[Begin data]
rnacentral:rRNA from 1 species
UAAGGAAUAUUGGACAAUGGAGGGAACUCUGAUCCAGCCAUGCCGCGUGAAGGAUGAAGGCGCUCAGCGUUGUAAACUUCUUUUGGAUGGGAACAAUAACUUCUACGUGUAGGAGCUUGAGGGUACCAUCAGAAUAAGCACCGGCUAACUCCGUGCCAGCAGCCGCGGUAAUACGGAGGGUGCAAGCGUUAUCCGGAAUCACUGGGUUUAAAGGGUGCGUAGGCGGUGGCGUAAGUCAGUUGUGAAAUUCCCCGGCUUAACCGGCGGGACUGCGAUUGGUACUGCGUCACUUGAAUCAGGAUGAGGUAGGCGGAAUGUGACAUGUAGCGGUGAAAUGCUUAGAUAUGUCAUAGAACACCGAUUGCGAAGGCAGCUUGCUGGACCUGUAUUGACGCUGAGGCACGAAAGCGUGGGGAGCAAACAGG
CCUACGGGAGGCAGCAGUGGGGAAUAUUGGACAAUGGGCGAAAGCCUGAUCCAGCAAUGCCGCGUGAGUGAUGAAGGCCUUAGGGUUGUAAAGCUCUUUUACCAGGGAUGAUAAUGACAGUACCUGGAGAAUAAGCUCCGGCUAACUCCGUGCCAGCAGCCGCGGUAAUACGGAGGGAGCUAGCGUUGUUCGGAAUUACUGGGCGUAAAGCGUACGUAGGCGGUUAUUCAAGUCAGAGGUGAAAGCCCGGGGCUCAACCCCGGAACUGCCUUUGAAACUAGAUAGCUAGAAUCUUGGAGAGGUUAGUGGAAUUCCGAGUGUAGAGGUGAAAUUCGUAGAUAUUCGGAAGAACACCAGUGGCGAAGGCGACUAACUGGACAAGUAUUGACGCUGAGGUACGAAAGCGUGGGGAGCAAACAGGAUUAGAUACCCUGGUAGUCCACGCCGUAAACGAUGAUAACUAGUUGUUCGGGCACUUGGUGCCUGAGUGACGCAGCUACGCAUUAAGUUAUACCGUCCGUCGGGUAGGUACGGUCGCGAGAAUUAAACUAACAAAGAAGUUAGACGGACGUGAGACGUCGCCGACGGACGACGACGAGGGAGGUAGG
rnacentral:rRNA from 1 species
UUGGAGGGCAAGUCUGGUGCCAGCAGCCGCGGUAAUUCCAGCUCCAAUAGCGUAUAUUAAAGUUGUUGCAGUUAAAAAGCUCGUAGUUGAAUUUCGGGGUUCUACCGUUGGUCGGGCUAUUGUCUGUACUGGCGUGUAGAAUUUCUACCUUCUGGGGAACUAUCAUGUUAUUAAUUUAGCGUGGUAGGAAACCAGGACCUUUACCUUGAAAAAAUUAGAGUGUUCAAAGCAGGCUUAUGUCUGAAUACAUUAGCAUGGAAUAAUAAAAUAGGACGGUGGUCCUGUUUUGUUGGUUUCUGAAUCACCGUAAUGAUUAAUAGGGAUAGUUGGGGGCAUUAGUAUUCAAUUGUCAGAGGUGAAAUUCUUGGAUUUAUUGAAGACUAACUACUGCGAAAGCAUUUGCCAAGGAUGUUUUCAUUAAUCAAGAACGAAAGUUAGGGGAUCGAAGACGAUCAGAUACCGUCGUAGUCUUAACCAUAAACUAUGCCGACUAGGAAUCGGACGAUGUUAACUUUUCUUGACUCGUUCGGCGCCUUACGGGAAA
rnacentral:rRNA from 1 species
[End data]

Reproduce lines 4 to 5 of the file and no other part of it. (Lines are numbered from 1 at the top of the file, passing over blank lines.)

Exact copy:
rnacentral:rRNA from 1 species
UUGGAGGGCAAGUCUGGUGCCAGCAGCCGCGGUAAUUCCAGCUCCAAUAGCGUAUAUUAAAGUUGUUGCAGUUAAAAAGCUCGUAGUUGAAUUUCGGGGUUCUACCGUUGGUCGGGCUAUUGUCUGUACUGGCGUGUAGAAUUUCUACCUUCUGGGGAACUAUCAUGUUAUUAAUUUAGCGUGGUAGGAAACCAGGACCUUUACCUUGAAAAAAUUAGAGUGUUCAAAGCAGGCUUAUGUCUGAAUACAUUAGCAUGGAAUAAUAAAAUAGGACGGUGGUCCUGUUUUGUUGGUUUCUGAAUCACCGUAAUGAUUAAUAGGGAUAGUUGGGGGCAUUAGUAUUCAAUUGUCAGAGGUGAAAUUCUUGGAUUUAUUGAAGACUAACUACUGCGAAAGCAUUUGCCAAGGAUGUUUUCAUUAAUCAAGAACGAAAGUUAGGGGAUCGAAGACGAUCAGAUACCGUCGUAGUCUUAACCAUAAACUAUGCCGACUAGGAAUCGGACGAUGUUAACUUUUCUUGACUCGUUCGGCGCCUUACGGGAAA